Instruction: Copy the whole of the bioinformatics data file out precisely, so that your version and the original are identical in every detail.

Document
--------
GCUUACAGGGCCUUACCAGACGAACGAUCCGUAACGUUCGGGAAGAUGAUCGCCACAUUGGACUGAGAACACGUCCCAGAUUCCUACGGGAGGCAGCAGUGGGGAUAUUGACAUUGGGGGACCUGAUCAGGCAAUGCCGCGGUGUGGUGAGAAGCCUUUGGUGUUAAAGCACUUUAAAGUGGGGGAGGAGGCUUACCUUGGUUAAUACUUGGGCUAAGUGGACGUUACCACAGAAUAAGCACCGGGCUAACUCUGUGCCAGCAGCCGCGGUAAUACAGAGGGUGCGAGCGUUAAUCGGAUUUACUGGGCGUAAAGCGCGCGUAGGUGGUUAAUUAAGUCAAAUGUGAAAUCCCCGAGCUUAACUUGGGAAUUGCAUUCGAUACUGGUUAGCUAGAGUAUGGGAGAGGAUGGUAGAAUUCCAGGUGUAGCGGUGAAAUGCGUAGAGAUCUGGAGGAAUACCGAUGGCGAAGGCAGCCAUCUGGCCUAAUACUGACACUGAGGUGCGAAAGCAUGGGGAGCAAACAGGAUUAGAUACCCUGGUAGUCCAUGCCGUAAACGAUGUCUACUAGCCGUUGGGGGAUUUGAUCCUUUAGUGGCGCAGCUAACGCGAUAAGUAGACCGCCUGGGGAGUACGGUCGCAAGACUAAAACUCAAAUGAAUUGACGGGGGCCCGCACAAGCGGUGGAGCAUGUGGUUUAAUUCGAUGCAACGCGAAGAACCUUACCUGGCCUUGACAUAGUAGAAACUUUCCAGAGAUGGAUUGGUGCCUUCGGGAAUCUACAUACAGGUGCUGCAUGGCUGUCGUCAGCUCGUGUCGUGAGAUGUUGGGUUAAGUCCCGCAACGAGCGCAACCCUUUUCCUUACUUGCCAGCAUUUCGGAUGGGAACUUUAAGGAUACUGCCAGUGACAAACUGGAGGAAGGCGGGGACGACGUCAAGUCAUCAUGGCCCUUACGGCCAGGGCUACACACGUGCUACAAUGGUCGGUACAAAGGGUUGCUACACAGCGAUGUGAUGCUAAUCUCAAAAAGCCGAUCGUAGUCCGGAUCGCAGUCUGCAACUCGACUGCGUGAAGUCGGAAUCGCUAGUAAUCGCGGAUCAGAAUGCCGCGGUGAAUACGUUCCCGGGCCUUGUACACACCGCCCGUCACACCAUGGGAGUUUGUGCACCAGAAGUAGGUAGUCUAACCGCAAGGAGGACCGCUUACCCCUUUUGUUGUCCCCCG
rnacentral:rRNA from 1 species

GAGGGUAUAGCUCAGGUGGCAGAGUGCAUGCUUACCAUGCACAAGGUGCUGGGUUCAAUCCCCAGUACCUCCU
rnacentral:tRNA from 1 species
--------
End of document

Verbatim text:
GCUUACAGGGCCUUACCAGACGAACGAUCCGUAACGUUCGGGAAGAUGAUCGCCACAUUGGACUGAGAACACGUCCCAGAUUCCUACGGGAGGCAGCAGUGGGGAUAUUGACAUUGGGGGACCUGAUCAGGCAAUGCCGCGGUGUGGUGAGAAGCCUUUGGUGUUAAAGCACUUUAAAGUGGGGGAGGAGGCUUACCUUGGUUAAUACUUGGGCUAAGUGGACGUUACCACAGAAUAAGCACCGGGCUAACUCUGUGCCAGCAGCCGCGGUAAUACAGAGGGUGCGAGCGUUAAUCGGAUUUACUGGGCGUAAAGCGCGCGUAGGUGGUUAAUUAAGUCAAAUGUGAAAUCCCCGAGCUUAACUUGGGAAUUGCAUUCGAUACUGGUUAGCUAGAGUAUGGGAGAGGAUGGUAGAAUUCCAGGUGUAGCGGUGAAAUGCGUAGAGAUCUGGAGGAAUACCGAUGGCGAAGGCAGCCAUCUGGCCUAAUACUGACACUGAGGUGCGAAAGCAUGGGGAGCAAACAGGAUUAGAUACCCUGGUAGUCCAUGCCGUAAACGAUGUCUACUAGCCGUUGGGGGAUUUGAUCCUUUAGUGGCGCAGCUAACGCGAUAAGUAGACCGCCUGGGGAGUACGGUCGCAAGACUAAAACUCAAAUGAAUUGACGGGGGCCCGCACAAGCGGUGGAGCAUGUGGUUUAAUUCGAUGCAACGCGAAGAACCUUACCUGGCCUUGACAUAGUAGAAACUUUCCAGAGAUGGAUUGGUGCCUUCGGGAAUCUACAUACAGGUGCUGCAUGGCUGUCGUCAGCUCGUGUCGUGAGAUGUUGGGUUAAGUCCCGCAACGAGCGCAACCCUUUUCCUUACUUGCCAGCAUUUCGGAUGGGAACUUUAAGGAUACUGCCAGUGACAAACUGGAGGAAGGCGGGGACGACGUCAAGUCAUCAUGGCCCUUACGGCCAGGGCUACACACGUGCUACAAUGGUCGGUACAAAGGGUUGCUACACAGCGAUGUGAUGCUAAUCUCAAAAAGCCGAUCGUAGUCCGGAUCGCAGUCUGCAACUCGACUGCGUGAAGUCGGAAUCGCUAGUAAUCGCGGAUCAGAAUGCCGCGGUGAAUACGUUCCCGGGCCUUGUACACACCGCCCGUCACACCAUGGGAGUUUGUGCACCAGAAGUAGGUAGUCUAACCGCAAGGAGGACCGCUUACCCCUUUUGUUGUCCCCCG
rnacentral:rRNA from 1 species

GAGGGUAUAGCUCAGGUGGCAGAGUGCAUGCUUACCAUGCACAAGGUGCUGGGUUCAAUCCCCAGUACCUCCU
rnacentral:tRNA from 1 species